Our current fee structure is available for download here.
ResponsibleSteel 2018 Membership Fees

9. Will it make a difference?

The mission of ResponsibleSteel is to maximise the contribution of steel to a sustainable society, and the ResponsibleSteel standard will be designed to achieve this in consultation with leading businesses, civil society organisations and technical specialists.

ResponsibleSteel is committed to becoming a full ISEAL Member as soon as its programme becomes operational (the earliest possible opportunity).  In order to become an ISEAL Member ResponsibleSteel will implement the ISEAL Impacts Code.

Recognising companies that meet or exceed agreed international standards encourages improvements across the sector and around the world, in whatever regulatory environment a business is operating.

10. What is your mission?

The mission is to provide businesses and consumers worldwide with confidence that the steel they use has been sourced and produced responsibly at all levels of the steel supply chain, from suppliers of raw materials, through to end users. ResponsibleSteel is the forum for this discussion, to the mutual benefit of all participants.

Governance and Membership

1. What is the governance structure?

The Board’s current proposal for the future governance is that: –

  • The ResponsibleSteel Board will consist of 9 Directors
  • Three (3) Directors will be from the ‘Business’ category of membership, three (3) from the ‘Civil Society’ category of membership, plus three (3) will be independents not from either category
  • The ‘Business’ and ‘Civil Society’ Directors will in future be elected by the full ResponsibleSteel membership, on the basis of weighted voting such that each category of members has an equal voting power
  • The independent Directors will be appointed by the Board, rather than elected by the membership, and one of the independents will be the Chairperson
  • All Members in good standing will be eligible to stand for election to the Board, including mine company, downstream company and steel-maker members, as well as civil society members representing social and environmental interests.

2. How are decisions made?

Board decisions will require a 2/3 quorum, and will be taken by a 2/3 super-majority of members present, to include a +ve vote from at least one member from both ‘Business’ and ‘Civil Society’ membership categories.

In addition, there will be a Council. The Board’s current proposal for the future ResponsibleSteel Council is that: The Council will be the main stakeholder-balanced decision-making body. Core documents requiring multi-stakeholder approval (such as the Standard) will be reviewed and approved by the Council before being submitted to the Board for formal institutional approval.
The Council’s membership will cover all Key Stakeholder Issues and their sub-divisions. The Council will also be geographically diverse, and include representatives from both developed and developing countries. Council Members will be elected by the Business or Civil Society categories of the ResponsibleSteel membership respectively, depending on the stakeholder interest they represent.
Council decisions will require a double majority of both Business and Civil Society representatives. Non-Council Members and Associates will be able to attend and participate in Council meetings, but will not have a vote.

3. Why split membership between Business and Civil Society, rather than other sub-groupings (e.g. like ASI)?

Because we propose that the fundamental social contract of Membership is that Business agrees to implement if Civil Society agrees to support, and we want to create a collegiate approach to discussions within each of these groups. It also helps keep things simple.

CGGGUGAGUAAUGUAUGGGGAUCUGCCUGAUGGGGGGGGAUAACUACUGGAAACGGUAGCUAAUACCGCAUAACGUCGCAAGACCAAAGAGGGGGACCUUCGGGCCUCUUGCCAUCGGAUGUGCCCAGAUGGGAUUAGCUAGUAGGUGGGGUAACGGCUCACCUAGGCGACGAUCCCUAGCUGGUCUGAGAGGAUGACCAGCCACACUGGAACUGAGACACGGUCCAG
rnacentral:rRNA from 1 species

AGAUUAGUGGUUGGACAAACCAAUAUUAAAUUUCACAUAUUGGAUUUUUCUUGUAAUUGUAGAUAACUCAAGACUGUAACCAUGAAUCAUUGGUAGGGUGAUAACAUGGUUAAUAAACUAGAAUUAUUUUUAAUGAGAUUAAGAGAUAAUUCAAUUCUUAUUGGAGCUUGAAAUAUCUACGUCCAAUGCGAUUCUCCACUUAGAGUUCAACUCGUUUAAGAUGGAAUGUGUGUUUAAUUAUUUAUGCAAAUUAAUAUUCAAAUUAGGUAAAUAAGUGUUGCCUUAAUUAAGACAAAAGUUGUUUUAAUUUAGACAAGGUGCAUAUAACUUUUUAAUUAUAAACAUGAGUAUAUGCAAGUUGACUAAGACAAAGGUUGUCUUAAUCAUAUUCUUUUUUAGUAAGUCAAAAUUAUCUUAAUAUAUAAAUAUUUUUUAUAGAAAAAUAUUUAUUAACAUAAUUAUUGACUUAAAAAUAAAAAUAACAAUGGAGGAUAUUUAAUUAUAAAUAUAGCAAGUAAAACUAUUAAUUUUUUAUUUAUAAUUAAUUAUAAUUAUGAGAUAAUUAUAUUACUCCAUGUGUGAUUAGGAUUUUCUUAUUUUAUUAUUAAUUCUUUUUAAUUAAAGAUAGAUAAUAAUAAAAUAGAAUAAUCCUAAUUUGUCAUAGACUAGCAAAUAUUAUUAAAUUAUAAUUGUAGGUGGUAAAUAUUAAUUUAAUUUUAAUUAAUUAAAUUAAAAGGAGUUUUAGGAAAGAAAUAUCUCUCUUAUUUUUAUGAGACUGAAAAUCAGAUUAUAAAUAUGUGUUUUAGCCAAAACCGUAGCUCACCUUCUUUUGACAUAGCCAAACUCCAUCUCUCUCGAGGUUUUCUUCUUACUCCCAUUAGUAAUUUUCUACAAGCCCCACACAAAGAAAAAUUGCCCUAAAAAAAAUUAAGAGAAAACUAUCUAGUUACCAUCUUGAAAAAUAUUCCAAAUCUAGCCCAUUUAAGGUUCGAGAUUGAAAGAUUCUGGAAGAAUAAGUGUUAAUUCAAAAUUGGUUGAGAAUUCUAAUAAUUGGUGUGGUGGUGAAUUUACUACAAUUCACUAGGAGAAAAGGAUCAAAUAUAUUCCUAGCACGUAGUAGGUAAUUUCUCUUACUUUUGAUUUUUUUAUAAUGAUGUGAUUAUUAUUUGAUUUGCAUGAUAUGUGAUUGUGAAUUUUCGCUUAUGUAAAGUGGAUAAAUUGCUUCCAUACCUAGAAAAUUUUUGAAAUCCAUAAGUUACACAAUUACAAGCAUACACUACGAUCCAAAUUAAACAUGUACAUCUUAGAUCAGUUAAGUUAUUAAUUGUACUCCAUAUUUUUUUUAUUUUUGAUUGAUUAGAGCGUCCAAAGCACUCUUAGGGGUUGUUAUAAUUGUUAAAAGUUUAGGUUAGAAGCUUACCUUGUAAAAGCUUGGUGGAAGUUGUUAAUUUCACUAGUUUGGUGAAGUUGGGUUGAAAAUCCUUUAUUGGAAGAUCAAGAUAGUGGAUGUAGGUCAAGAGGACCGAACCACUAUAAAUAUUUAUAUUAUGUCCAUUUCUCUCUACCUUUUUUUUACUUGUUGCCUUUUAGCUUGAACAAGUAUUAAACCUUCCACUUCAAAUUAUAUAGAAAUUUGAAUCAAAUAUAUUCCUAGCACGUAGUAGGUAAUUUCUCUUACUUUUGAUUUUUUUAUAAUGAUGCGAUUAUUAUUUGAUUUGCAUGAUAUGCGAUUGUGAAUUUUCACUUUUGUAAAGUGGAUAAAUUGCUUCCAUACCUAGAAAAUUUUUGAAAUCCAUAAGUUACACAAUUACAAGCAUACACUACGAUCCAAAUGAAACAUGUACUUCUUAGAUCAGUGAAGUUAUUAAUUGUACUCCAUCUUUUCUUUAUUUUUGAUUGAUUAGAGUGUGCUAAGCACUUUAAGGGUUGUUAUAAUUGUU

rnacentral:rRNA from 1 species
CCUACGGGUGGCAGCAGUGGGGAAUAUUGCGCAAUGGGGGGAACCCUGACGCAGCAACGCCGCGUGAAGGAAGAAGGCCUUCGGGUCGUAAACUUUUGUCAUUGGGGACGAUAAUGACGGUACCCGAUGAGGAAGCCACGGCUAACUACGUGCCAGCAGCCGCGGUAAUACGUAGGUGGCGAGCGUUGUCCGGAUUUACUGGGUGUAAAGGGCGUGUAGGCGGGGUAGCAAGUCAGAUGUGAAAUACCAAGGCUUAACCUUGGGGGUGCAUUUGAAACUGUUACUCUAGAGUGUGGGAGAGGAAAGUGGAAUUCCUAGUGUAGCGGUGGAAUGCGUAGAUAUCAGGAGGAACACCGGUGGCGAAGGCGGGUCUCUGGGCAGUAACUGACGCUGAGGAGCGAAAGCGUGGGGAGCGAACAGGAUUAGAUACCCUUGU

4. Why have 50:50 voting weight for Business and Civil Society?

Membership votes to elect the Board, and may vote on motions put to an annual meeting. We need to ensure that Business and Civil Society categories of membership have equal weight in these decisions.

5. Why have all members vote for Board, but members vote for representation of their own category reps on Council?

The intent is that Board members should be acceptable to everyone, but that Council Members may be chosen to represent particular interests and issues.

6. What is the role of Associates, and why can’t they vote?

The ‘Associates’ category allows any stakeholder that wants to express support for RS to be included in consultations and kept informed of progress. However, voting rights are reserved to non-governmental entities representing businesses and civil society organisations whose interests are directly affected by RS, and who pay membership dues if applicable.

7. What are ‘Key Stakeholder Interests’?

Key Stakeholder Interests are the interests that RS has identified as being essential to take into account if RS is to achieve its objectives. Some are high-level categories (e.g. Supply of Raw Materials & Energy; Iron and Steelmaking; Downstream use of steel; Social and Environmental Impacts). Others are sub-divisions of these high level categories (e.g. coke manufacturer; metals for alloys and coatings; Greenhouse Gas emissions).

8. Why do we need to list them for Members?

We want to ensure that all key stakeholder interests are covered within the Council membership, and in our processes for Standards Development. We will be proactive in identifying and consulting with stakeholders on any issues that are not fully covered.

9. Does the identification of Key Stakeholder Interests have implications for voting power?

No. Voting power will be determined by whether a Member is in the Business or the Civil Society membership category of (each of these categories has equal overall weight of voting, irrespective to the number of organisations in each category), but will not affected by the interests of each organisation within a given category.

10. What is the Council for?

The Council will be the main stakeholder-balanced decision-making body for ResponsibleSteel. Core documents that require multi-stakeholder approval (such as the ResponsibleSteel Standard) will be reviewed and approved by the Council before being submitted to the Board for formal institutional approval.